Icelandic Foreign Minister Gunnar Bragi Sveinsson is asking the EU to continue Instrument for Pre-Accession Assistance (IPA) funding to Iceland – despite disbanding Iceland’s EU accession negotiation committee, and being on record as against IPA funding.
Vísir reports that the Ministry of Foreign Affairs is less than pleased with last week’s decision from the European Union to cease IPA projects in Iceland.
Urður Gunnarsdóttir, a public affairs official for the ministry, told reporters, “From the time that this government came to power last May, the ministry and the minister have had extensive talks with European Union officials. At a meeting between the minister and the Enlargement and European Neighbourhood Policy last June, when the minister announced a pause in accession talks, the future of IPA payments was discussed. It was decided that our officials and the EU would team up to finish the projects that had been started. That agreement gave us no other reason than to believe that these projects would continue.”
However, the foreign minister did not “pause” talks – he dissolved Iceland’s accession negotiation committee. Secondly, the minister has been vocally against IPA funding itself.
On January 24, 2012, then a member of the opposition, Gunnar Bragi told parliament, “The [IPA] funding we’re talking about here is obviously intended to build and increase the belief that the European Union is here to stay, and here to fix everything that is possible to fix in our blessed country. This is not natural. It cannot be natural that we accept money from countries that we are negotiating with. We will soon be making deals with this national alliance or whatever we’re supposed to call it. And they come with money, to us. It is much more natural that all the changes that need to be in the deal be there first, and then the money. This is nothing more than glass beads and fire-water that is being offered,” referring to the offerings European settlers would sometimes try to give Native Americans for their land.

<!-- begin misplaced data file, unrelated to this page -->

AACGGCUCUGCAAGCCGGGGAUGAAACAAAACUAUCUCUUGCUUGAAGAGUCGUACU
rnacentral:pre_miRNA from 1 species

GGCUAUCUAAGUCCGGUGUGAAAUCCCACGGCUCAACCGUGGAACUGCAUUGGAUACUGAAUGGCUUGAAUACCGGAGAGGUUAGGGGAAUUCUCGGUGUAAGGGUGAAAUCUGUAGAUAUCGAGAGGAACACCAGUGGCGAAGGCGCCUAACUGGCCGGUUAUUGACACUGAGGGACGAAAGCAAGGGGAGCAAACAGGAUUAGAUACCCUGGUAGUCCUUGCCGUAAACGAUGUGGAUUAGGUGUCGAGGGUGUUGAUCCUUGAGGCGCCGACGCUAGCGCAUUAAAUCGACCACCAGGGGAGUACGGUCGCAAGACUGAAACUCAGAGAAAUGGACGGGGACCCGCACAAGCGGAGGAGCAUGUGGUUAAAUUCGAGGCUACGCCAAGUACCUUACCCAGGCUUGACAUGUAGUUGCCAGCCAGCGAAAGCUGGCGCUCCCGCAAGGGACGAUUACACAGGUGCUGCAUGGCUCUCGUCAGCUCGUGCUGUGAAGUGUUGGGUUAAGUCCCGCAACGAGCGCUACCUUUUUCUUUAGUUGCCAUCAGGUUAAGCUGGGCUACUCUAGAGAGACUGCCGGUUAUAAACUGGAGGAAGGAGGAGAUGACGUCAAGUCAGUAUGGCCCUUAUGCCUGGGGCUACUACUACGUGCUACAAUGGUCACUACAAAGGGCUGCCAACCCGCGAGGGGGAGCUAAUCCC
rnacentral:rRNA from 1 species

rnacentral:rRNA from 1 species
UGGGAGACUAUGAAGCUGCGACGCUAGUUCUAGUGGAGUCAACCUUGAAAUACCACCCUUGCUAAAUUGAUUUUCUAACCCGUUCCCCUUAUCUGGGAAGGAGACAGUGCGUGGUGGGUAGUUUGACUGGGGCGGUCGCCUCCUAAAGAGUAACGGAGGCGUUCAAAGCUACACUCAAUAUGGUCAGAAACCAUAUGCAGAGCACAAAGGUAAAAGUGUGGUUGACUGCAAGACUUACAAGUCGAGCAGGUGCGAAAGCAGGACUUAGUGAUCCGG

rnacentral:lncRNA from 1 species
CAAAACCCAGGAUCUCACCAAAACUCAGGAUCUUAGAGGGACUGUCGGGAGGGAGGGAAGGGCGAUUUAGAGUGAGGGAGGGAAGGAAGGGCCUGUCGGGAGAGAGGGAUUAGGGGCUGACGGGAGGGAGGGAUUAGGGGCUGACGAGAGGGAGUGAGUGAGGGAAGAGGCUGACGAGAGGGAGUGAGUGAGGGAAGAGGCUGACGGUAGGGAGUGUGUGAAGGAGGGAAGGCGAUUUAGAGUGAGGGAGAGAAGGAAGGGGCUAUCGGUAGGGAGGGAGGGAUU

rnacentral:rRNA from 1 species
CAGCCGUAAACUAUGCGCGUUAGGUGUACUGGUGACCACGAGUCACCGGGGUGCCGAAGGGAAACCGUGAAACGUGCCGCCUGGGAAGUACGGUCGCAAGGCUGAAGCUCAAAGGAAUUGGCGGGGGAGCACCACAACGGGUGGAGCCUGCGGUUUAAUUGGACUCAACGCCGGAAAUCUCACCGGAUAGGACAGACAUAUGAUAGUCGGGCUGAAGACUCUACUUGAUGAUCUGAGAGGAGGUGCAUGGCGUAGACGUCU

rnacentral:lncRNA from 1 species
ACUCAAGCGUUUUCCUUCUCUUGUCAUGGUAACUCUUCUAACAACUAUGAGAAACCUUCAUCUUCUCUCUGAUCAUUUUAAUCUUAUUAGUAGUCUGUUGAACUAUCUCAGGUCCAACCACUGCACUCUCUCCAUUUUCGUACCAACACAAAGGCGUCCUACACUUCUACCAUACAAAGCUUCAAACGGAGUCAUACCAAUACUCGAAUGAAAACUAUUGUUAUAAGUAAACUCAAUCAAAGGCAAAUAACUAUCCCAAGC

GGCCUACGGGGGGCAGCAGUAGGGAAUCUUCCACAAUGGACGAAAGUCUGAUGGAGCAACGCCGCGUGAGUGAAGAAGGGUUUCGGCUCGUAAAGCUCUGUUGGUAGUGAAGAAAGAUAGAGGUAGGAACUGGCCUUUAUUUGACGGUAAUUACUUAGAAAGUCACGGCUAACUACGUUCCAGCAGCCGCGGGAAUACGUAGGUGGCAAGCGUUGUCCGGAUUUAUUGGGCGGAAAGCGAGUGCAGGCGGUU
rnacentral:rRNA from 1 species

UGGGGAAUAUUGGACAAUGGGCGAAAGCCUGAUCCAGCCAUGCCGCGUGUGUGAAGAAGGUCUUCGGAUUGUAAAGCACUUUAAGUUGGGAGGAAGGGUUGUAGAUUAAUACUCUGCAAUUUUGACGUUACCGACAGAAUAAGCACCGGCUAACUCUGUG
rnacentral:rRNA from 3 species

On June 18 of the same year, he said, “I am completely against Iceland accepting funding from the European Union. I believe that Iceland should be on a journey of its own design, not from some alms from the European Union, which runs a hard and impudent propoganda, to my mind, which is not fair and just, and has an apparatus like the EU Info Centre.”
A response from EU officials is still pending.